News

what is the prevent duty?

The Prevent Duty in higher education

Enshrined as a place where ideas could develop independently from any other power, ‘academic freedom’ has been a defining feature of universities since the establishment of the University of Bologna in 1088. Higher education institutions provide a safe space for free speech, for debate and for challenging the status quo. It is into this environment that the Prevent Duty has been introduced by the UK government just recently, to respond to the ideological challenges and threats that modern terrorism poses, and to prevent people from being drawn into terrorism.

To some, the Duty is highly controversial, seen as a threat to the academic freedom so important within the sector. But whatever your views, compliance with the duty is a statutory requirement to which all UK universities must now adhere.

What is the Prevent Duty?

As part of the UK government’s overall strategy on counter-terrorism, section 26 (1) of the Counter Terrorism and Security Act 2015 outlines the responsibilities of ‘specific authorities’ to have ‘due regard to the need to prevent people from being drawn into terrorism’. Higher education institutions are classified as ‘specific authorities’ and must now comply with both the general and sector-related guidelines.

Broadly, Section 26 outlines four explicit responsibilities. Leaders must:

• establish or use existing mechanisms for understanding the risk of radicalisation
• ensure staff understand the risk and build the capabilities to deal with it
• communicate and promote the importance of the duty
• ensure staff implement the duty effectively.

What should higher education institutions do?

Specific guidance has been developed to help universities and HE colleges to comply with the Duty, for England and Wales and for Scotland. The focus is on developing policies and procedures that ensure a balance between freedom of speech and a ‘due regard’ for students, staff and visitors.

In practice, this means particular focus on a range of activities:
1. The risks of events and on-campus activities must be considered and assessed to ensure they comply with the Duty
2. Senior leaders must be actively engaged with the Prevent Duty. This means they must ensure that internal mechanisms are in place to share information within the institution. They must also work in partnership with relevant external partners, including the Police. In Scotland, there is an additional requirement to participate in the Scottish HE Prevent Network; in England and Wales, contact must be maintained with the Safe Campus Communities.
3. HE institutions must have implementation plans in place, which fit broader multi-agency action plans.
4. All staff must be aware of the Prevent Duty, so staff training opportunities must be available. Awareness must extend to the institution’s relationship with its Student Association and their clubs and societies.
5. The institution must develop policies for safety online, with specific reference to the Prevent Duty.
6. Facilities to enable different faiths to worship on campus must also be provided, to support the welfare and pastoral care of students and staff.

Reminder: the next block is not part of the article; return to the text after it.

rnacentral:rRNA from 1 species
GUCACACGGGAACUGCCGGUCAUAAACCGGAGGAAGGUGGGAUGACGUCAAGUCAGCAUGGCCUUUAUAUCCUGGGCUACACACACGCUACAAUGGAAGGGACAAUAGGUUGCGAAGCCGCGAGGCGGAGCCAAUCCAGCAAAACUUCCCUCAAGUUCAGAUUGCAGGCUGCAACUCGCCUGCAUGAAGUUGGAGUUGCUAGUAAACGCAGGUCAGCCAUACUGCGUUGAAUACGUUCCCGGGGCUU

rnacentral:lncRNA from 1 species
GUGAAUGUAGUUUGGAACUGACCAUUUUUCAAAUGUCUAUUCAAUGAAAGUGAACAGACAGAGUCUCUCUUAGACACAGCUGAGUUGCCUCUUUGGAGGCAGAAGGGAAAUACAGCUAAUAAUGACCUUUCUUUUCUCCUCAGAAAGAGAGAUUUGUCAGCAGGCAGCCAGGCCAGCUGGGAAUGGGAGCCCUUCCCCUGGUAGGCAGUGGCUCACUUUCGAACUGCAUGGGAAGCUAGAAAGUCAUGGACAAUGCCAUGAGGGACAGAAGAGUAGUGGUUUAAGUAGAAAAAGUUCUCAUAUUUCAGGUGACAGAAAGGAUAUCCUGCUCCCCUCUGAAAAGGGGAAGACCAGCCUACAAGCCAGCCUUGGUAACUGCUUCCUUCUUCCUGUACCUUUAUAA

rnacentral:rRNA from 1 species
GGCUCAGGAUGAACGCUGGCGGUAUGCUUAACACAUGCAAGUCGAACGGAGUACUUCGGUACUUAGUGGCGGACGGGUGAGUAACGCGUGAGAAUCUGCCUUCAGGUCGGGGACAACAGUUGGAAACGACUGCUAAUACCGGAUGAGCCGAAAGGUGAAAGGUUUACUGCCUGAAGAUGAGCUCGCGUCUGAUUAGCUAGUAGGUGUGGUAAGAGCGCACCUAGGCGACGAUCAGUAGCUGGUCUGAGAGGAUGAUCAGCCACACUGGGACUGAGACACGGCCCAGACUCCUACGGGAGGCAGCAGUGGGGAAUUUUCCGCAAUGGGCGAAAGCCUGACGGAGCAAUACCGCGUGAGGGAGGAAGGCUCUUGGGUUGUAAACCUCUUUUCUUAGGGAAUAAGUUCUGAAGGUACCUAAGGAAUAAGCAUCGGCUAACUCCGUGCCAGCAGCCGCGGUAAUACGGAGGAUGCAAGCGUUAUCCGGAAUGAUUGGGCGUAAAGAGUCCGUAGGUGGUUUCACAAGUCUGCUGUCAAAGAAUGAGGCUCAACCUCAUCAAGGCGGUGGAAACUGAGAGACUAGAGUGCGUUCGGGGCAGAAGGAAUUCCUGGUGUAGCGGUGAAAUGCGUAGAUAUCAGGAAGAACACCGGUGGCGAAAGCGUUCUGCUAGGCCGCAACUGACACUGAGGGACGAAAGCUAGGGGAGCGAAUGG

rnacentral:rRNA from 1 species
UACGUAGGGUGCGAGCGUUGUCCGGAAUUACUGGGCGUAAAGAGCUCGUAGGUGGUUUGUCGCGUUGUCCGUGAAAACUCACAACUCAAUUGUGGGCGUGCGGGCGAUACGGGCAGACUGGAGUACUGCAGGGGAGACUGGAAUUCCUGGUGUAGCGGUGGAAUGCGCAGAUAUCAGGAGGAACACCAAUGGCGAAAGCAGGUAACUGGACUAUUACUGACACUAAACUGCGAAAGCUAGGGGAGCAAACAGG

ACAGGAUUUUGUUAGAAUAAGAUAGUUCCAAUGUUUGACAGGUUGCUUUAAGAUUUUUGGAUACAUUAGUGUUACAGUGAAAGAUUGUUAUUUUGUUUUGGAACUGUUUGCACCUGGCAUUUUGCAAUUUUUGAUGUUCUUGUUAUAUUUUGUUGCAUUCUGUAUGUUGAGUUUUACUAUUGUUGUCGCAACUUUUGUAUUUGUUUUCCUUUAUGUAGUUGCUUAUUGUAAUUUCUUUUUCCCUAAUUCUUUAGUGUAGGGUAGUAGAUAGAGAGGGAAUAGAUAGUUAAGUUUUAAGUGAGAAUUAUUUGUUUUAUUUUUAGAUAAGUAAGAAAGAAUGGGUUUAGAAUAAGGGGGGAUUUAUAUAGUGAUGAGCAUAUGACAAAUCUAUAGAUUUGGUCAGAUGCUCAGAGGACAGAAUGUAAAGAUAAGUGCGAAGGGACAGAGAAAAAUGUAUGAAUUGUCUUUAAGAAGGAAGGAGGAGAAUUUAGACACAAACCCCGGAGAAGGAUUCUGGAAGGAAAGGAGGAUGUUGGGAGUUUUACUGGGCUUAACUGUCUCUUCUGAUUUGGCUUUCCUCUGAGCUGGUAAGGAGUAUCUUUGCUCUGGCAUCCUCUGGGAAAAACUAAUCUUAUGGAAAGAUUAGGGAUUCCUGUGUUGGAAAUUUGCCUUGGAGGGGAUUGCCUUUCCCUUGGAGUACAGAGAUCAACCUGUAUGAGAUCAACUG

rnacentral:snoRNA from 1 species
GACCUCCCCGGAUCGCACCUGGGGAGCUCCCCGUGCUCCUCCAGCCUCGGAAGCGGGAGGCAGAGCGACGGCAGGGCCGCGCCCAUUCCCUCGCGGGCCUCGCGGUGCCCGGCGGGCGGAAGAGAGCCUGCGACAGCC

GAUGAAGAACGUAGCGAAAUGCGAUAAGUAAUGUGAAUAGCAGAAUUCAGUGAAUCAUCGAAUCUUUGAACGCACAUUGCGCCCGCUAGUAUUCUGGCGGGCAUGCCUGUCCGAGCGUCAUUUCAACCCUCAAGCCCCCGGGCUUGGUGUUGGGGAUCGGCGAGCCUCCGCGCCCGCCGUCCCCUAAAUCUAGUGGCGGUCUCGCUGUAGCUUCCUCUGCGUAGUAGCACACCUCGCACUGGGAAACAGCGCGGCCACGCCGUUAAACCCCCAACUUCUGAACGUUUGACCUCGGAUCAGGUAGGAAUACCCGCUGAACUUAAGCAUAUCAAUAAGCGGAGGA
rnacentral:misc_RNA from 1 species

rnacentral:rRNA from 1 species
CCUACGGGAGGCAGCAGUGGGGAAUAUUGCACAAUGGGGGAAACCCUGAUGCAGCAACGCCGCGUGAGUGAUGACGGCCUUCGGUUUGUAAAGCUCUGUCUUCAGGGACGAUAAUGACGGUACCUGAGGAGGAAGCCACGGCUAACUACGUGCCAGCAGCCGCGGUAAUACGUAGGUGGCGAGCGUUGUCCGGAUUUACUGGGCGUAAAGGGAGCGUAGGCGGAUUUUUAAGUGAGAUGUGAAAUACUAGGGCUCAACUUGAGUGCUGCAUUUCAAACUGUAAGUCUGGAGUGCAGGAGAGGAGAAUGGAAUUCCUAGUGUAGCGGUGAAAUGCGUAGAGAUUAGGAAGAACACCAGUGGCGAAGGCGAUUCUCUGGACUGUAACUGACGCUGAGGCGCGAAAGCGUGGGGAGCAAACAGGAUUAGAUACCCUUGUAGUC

For England and Wales, there is an additional focus on maintaining a formal risk assessment for student welfare and for the physical campus estate.

What action should I take?

If you are a governor or senior manager at a university of HE college in England, Wales or Scotland, then you must ensure that your institution is compliant with the Prevent Duty. If not, the UK Government can take further action, which may be equivalent to a court order. Become a champion for your institution’s implementation and approach to the Prevent Duty. In large institutions like universities introduction of appropriate eLearning course would be the probably the best option as it’s a scalable solution. Remember the audit trail in case you need to proof the compliance.

If you are a member of staff at an HE institution or at a students’ union or association, then you should take the time to educate yourself on the Prevent Duty and how your institution is implementing their responsibilities. Be proactive and find out what your specific role demands.

Where can I access further information?

The UK government has developed guidance on the Prevent Duty, for all specified authorities and for providers of higher education. HEFCE has additional information for institutions in England, and good practice guidance has been developed for those in Scotland. Other bodies have also developed information, including Safe Campus Communities and the Committee of University Chairs.

EssentialSkillz also supply an online training course aimed at educating staff on their duties and responsibilities around Prevent Duty.

Useful links:

UK Government Prevent Duty guidance:
https://www.gov.uk/government/publications/prevent-duty-guidance

Good Practice guide for Scottish Higher Education Institutions:
http://www.ed.ac.uk/files/atoms/files/good_practice_guide_2015.pdf

Safe Campus Communities:
http://www.safecampuscommunities.ac.uk/

Committee of Universities Chairs:
http://www.universitychairs.ac.uk/publication/ipn2-counter-terrorism-and-prevent-agenda/

EssentialSkillz Prevent Duty eLearning course:
http://www.essentialskillz.com/hr/prevent-awareness